New App Helps Avid TV-Watchers Keep Up on Their Favorite ShowsBusiness Profiles — By Susan Post on September 27, 2013 at 8:00 am
If the last episode of Breaking Bad left your head spinning, a new app can help you make sense of every intense moment with help from fellow enthusiasts. Columbus-based TV Talk creates 20-minute podcasts discussing over of 50 the most popular shows on TV.
TV Talk follows both network and cable shows, aiming for those that have the largest audience and great talkability. Founder Stuart Crane wants those shows that people will be talking about at work the next morning, so the app focuses mostly on dramas, sci-fi and reality TV. There is a little something for everybody though, with coverage ranging from America’s Next top Model to Suits and from Homeland to Glee.
Crane wants app users to be able to wake up the morning after their show and get their tv-gossip fix.
“Episodes are ready for the morning commute,” he says.
Each show has two hosts that recap each new episode right after it airs. Recap and discussion are only 20 minutes, compared to some of the more lengthy podcasts Crane was seeing while researching the market. Hosts apply for specific shows they want to cover, ensuring a genuine enthusiast is relaying information on each new episode. Hosts for reality programs often include former contestants of the shows as well.
TV Talk is designed to be an interactive app.
“With the talkback button on the app, users can record up to a 40-second clip and say whatever they want about the show,” Crane says. In the clips, users can either answer a weekly question posed by the host or give their two cents about a plot twist. The sound bites run at the end of the podcast, giving all users a chance to hear what others are saying.
“We’re getting talkback clips from people all over the world,” Crane says.
TV Talk is available on several different platforms with the main being the iOS and Android apps. Users can also listen through iTunes and other podcast apps that connect to iTunes, including Stitcher and new app Swell. Smartphones and apps aside, users can stream content directly on the company’s website. Crane highlights how the various platforms increase the listenability. Users can listen with their phones on the way to work or stream it from the site as they work around the house.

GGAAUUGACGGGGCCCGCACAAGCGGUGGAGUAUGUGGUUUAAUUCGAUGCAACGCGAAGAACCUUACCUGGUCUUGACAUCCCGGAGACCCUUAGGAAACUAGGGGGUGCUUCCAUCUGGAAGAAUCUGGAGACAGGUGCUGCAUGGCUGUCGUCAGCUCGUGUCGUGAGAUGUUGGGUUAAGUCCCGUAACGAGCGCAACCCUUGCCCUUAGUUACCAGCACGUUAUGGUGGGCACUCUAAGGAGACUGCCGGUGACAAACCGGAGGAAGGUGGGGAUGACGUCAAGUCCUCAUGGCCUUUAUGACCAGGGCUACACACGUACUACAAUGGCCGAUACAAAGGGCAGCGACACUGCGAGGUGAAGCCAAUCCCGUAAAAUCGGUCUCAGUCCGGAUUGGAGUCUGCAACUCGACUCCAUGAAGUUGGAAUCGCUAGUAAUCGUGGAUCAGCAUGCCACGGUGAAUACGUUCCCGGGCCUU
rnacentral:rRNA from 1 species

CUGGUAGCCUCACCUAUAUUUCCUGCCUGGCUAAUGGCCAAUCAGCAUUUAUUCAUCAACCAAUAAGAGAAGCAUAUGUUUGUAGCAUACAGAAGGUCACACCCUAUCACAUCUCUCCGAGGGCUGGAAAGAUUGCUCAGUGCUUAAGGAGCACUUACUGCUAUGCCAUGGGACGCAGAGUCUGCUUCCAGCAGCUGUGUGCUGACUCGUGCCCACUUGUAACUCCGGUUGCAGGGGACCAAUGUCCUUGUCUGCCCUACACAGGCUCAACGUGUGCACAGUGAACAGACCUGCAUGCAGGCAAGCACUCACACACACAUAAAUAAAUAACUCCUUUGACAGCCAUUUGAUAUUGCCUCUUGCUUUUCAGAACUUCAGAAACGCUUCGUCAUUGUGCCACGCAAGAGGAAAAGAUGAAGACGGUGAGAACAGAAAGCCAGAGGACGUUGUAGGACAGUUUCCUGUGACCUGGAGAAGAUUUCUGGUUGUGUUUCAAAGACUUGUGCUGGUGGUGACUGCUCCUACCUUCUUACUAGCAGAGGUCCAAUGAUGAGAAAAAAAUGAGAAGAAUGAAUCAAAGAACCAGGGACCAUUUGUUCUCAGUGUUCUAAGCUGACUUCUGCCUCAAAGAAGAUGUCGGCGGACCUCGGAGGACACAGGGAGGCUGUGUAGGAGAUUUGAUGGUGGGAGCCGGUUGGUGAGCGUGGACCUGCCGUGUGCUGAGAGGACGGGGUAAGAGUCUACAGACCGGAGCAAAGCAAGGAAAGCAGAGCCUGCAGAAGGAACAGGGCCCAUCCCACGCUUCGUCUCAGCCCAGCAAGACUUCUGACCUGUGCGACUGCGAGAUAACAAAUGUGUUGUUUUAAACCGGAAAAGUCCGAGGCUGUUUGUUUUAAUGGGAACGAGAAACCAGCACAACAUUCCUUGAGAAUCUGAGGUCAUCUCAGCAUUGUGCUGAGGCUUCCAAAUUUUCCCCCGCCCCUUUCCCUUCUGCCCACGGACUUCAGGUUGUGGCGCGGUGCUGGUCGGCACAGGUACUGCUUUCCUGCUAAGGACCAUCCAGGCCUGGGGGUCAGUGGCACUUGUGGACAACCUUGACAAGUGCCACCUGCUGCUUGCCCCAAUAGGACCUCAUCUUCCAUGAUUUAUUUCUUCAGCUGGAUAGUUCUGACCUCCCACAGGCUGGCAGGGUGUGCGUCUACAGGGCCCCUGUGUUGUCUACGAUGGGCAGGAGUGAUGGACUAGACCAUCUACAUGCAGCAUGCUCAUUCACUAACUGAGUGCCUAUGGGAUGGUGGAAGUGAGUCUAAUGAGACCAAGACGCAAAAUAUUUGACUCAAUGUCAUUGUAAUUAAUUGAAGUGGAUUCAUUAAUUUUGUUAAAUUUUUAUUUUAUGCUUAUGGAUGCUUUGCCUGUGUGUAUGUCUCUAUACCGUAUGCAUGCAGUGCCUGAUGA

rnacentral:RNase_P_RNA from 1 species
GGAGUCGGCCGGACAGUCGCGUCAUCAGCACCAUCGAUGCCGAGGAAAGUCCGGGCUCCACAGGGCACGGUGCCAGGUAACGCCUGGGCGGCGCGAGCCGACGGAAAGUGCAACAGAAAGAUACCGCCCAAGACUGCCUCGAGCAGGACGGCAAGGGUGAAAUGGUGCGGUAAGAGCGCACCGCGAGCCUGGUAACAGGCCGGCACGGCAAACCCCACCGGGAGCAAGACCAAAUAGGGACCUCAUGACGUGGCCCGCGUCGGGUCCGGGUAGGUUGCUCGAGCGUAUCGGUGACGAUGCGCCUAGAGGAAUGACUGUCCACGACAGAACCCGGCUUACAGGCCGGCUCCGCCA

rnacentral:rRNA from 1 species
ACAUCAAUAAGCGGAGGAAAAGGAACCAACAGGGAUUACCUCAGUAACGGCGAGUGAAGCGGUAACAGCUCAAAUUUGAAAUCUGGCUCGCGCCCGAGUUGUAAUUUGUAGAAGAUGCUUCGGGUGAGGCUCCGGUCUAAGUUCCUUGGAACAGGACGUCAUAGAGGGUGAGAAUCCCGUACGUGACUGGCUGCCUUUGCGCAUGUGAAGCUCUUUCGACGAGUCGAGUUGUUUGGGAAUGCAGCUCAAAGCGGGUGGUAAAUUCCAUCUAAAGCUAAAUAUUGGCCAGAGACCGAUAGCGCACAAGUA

TV Talk isn’t Crane’s first endeavor in to business ownership. He ran a successful software company CPR+ for over 20 years before selling it this past July. The sale allowed Crane to delve in to TV Talk full time.
“We had sufficient capital to support the development and back-end,” he says.
Running a software company, Crane was familiar with the development process, but a social, TV app was a different kind of businesses than healthcare software at CPR+. He says the transition has been challenging but fun.
Crane has always taken an interest in what one can listen to on the go, adopting everything from books on tape to satellite radio and eventually iPods and iPhones. When the “i” era started, he began searching for software systems for personalized radio and discovered podcasts. But when it came to episodes on TV shows he never knew what he was going to get, when they would post or how long they would be, so he created TV Talk.
“I wanted to build a network of podcasts with a predictable formula,” he says.
To listen to TV Talk, visit tvtalk.com.
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